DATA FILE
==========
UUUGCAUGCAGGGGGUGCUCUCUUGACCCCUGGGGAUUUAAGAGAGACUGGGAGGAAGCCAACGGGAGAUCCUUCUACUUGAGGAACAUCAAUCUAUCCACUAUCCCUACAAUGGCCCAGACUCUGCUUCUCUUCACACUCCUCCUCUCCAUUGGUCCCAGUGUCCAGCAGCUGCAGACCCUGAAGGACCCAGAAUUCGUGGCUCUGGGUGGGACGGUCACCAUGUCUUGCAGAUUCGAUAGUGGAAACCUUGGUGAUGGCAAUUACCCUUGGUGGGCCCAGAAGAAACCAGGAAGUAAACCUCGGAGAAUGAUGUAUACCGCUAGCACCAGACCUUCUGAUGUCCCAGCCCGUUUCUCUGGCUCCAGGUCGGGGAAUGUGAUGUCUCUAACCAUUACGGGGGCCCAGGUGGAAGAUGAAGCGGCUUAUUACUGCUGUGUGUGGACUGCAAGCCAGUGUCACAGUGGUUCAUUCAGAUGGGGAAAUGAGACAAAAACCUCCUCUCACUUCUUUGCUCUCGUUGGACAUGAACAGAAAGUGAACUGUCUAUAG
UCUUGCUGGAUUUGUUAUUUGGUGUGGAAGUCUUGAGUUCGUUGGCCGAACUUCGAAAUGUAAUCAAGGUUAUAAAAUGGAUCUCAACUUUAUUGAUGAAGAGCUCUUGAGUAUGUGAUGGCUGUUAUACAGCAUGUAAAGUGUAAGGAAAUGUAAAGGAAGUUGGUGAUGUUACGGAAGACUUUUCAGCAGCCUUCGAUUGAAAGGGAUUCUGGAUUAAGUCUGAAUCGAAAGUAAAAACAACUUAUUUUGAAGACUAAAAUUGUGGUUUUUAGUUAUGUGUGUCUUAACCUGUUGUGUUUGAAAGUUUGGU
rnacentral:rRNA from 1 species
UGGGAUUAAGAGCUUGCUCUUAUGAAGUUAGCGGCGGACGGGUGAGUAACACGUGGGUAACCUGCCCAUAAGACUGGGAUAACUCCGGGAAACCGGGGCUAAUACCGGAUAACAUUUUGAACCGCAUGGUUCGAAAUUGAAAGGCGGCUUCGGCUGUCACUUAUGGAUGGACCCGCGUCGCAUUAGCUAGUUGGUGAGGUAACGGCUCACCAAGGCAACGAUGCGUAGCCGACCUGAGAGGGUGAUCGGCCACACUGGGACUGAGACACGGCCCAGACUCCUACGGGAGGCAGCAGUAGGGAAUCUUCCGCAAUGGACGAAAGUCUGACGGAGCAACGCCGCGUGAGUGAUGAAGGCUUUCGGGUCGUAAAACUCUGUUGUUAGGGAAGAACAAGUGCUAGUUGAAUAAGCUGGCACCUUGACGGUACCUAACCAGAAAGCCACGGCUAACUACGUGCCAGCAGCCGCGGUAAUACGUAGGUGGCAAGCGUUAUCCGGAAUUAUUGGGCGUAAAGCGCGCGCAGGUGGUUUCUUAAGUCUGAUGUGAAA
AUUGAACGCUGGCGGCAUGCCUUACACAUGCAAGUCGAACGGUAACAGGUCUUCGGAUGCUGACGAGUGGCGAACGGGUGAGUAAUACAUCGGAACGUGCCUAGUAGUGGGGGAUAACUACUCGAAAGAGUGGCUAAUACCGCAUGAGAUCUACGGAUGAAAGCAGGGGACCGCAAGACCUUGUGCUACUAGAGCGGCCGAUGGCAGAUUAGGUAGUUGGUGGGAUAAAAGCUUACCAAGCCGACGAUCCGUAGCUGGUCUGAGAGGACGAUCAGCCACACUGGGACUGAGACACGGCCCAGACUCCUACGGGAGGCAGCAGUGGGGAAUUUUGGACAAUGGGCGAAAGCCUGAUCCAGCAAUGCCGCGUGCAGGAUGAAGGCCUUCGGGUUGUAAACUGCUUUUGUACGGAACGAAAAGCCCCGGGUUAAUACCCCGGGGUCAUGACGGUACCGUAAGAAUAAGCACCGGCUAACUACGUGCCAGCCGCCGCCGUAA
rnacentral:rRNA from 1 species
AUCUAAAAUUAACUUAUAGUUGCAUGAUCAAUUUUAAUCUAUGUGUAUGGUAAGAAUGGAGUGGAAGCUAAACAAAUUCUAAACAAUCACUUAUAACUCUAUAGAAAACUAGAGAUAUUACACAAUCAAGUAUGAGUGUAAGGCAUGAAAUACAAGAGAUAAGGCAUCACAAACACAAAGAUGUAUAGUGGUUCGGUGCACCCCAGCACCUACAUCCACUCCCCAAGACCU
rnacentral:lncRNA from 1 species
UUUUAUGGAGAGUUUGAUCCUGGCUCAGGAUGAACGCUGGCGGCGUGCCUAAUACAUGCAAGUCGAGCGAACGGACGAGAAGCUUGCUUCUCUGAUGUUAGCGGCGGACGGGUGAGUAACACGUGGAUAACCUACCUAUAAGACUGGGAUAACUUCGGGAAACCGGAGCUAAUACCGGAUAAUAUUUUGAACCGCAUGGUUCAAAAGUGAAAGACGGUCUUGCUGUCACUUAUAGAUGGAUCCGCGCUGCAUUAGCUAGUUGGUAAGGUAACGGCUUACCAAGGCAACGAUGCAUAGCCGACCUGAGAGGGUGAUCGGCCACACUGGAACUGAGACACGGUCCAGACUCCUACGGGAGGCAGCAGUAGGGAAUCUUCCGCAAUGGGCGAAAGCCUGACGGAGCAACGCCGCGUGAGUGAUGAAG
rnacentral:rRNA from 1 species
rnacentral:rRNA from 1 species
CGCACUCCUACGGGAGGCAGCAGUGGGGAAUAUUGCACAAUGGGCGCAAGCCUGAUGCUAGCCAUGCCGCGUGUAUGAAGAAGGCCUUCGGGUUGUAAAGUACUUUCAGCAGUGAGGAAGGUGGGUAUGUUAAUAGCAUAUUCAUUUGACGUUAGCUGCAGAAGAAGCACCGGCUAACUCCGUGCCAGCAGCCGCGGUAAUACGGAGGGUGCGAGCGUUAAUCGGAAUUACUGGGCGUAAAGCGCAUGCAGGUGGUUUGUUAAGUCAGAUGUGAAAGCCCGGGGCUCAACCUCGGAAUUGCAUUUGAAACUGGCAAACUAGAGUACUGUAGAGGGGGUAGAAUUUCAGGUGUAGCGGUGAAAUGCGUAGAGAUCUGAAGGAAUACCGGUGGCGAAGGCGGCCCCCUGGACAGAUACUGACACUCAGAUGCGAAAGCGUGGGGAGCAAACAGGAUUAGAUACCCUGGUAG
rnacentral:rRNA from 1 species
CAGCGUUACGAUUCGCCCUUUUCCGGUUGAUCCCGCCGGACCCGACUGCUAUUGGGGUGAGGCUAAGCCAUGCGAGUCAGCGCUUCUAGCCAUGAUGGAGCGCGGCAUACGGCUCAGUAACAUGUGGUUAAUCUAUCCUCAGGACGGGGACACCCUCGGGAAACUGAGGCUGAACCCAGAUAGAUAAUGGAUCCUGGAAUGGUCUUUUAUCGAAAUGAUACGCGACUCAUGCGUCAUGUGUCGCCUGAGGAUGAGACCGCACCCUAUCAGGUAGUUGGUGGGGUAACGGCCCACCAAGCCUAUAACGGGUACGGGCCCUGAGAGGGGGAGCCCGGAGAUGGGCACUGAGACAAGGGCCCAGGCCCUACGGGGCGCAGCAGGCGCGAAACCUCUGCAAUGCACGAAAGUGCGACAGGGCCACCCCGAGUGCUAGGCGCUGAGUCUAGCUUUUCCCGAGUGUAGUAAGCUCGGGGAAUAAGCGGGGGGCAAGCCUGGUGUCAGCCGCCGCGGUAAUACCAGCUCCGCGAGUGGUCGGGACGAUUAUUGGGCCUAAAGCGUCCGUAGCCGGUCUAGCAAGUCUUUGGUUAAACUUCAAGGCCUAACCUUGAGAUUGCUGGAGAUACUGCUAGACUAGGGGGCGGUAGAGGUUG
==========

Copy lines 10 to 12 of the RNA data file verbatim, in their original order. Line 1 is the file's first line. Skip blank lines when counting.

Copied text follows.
rnacentral:rRNA from 1 species
rnacentral:rRNA from 1 species
CGCACUCCUACGGGAGGCAGCAGUGGGGAAUAUUGCACAAUGGGCGCAAGCCUGAUGCUAGCCAUGCCGCGUGUAUGAAGAAGGCCUUCGGGUUGUAAAGUACUUUCAGCAGUGAGGAAGGUGGGUAUGUUAAUAGCAUAUUCAUUUGACGUUAGCUGCAGAAGAAGCACCGGCUAACUCCGUGCCAGCAGCCGCGGUAAUACGGAGGGUGCGAGCGUUAAUCGGAAUUACUGGGCGUAAAGCGCAUGCAGGUGGUUUGUUAAGUCAGAUGUGAAAGCCCGGGGCUCAACCUCGGAAUUGCAUUUGAAACUGGCAAACUAGAGUACUGUAGAGGGGGUAGAAUUUCAGGUGUAGCGGUGAAAUGCGUAGAGAUCUGAAGGAAUACCGGUGGCGAAGGCGGCCCCCUGGACAGAUACUGACACUCAGAUGCGAAAGCGUGGGGAGCAAACAGGAUUAGAUACCCUGGUAG